Are solar panels really that green? Much has been discussed on this topic from both sides of the political spectrum.
Many argue that solar panels are not that green since they require energy to manufacture and sometimes use harmful chemical during the processing. Here we will examine the positive and negative effects of solar energy and what can be done moving forward.
Let’s start by saying that solar power isn’t perfect. Like everything in life, there are upsides and downsides especially when trying to generate enough energy to sustain a reasonable quality of life. Yes, vast amounts of energy are required and yes, many solar modules use toxic chemicals during the manufacturing process. These two irrefutable facts do not equate to solar panels having a negative net impact though, as the following data suggests.
To understand the positive and negative environmental impacts of solar power, it is important to realize what goes into producing a functional solar panel.
First the raw material must be mined, this is predominantly Quartz which is processed into silicon. Aluminum, and copper or silver are also key materials involved which must be mined, or obtained from recycled sources, but mostly they are mined due to the increased expansion of the PV industry in the last 10 years.
Following the mining of raw materials, the quartz must be processed into electronic-grade silicon. This process involves heating the quartz in a high temperature furnace and reacting it with various chemicals.
The lifetime carbon emissions from solar are heavily front loaded. After the installation process, solar modules produce emission-free energy for 30+ years. The question to focus on now is:
Does the clean energy generated from solar panels offset the negative impacts during the mining and manufacturing process?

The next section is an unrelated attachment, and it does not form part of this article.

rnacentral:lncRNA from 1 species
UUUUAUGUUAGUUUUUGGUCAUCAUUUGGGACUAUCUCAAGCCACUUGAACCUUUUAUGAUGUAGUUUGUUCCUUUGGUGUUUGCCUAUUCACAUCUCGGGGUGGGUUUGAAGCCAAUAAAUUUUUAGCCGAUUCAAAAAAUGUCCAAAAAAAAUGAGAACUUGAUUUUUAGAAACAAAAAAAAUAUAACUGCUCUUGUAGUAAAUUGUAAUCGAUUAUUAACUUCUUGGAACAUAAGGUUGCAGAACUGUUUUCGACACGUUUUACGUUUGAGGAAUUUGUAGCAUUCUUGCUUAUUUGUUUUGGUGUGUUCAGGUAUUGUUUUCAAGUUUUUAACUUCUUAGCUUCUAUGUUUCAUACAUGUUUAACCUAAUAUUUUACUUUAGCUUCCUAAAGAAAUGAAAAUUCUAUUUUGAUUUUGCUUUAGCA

In a whitepaper from the Brookhaven National Laboratory PV Environmental Research Centre, the authors outline the environmental impacts of solar panel manufacturing.
In the image above, Case 1 is a representation of CrystalClear and Ecoinvent Database set, Case 2 is a Union of Coordination of Transmission of Electricity and Ecoinvent database set, and Case 3 is US grid mixture and Franklin database set. For simplification we will observe the average of the 3 data sets for polycrystalline silicon (Multi-Si).
Disclaimer: The data from this paper is not current for today, but generally speaking the solar manufacturing industry has not deviated from the trends beyond a reasonable degree.
When the three multi-silicon values (~32, ~42, ~52 gC02/kWh) are average, the result is an average of 42 gC02-eq/kWh of energy generated. This value is approximately in line with more recent data from the World Nuclear Association which estimates the lifetime emissions output of solar PV to be ~70tC02-eq/GWh (g/kWh is an equal ratio to a t/GWh) which is discussed in detail later in this article.
Solar power is not without its downsides. Let’s examine them here:
1. Energy - The manufacturing of solar panels requires more energy up front to produce than other forms of energy generation. This is due to the manufacturing process required to transform raw minerals into usable photovoltaics. Quartz must be processed, and cleaned and then manufactured with other components which may come from different facilities (aluminum, copper etc..) to produce a single solar module whereas coal is mined, cleaned and burned on a mass scale typically in a single location. Heating the quartz during the processing stage requires very high heat. Manufacturing requires combining multiple materials with incredible precision to produce high efficiency panels. All of this requires lots of up-front energy.
2. Chemicals – To produce solar-grade silicon, semi-conductors processing typically involves hazardous chemicals. Depending on the solar panel manufacturer, these chemicals may or may not be disposed properly. The Silicon Valley Toxics Coalition (SVTC) presents an annual report on the environmental records of major solar manufacturers. Like every industry, there are companies leading by example, and others which cut corners to save money. Not every company will dump chemicals, or recycle their byproducts improperly, but there are a few bad apples out there fueling the anti-green bandwagon.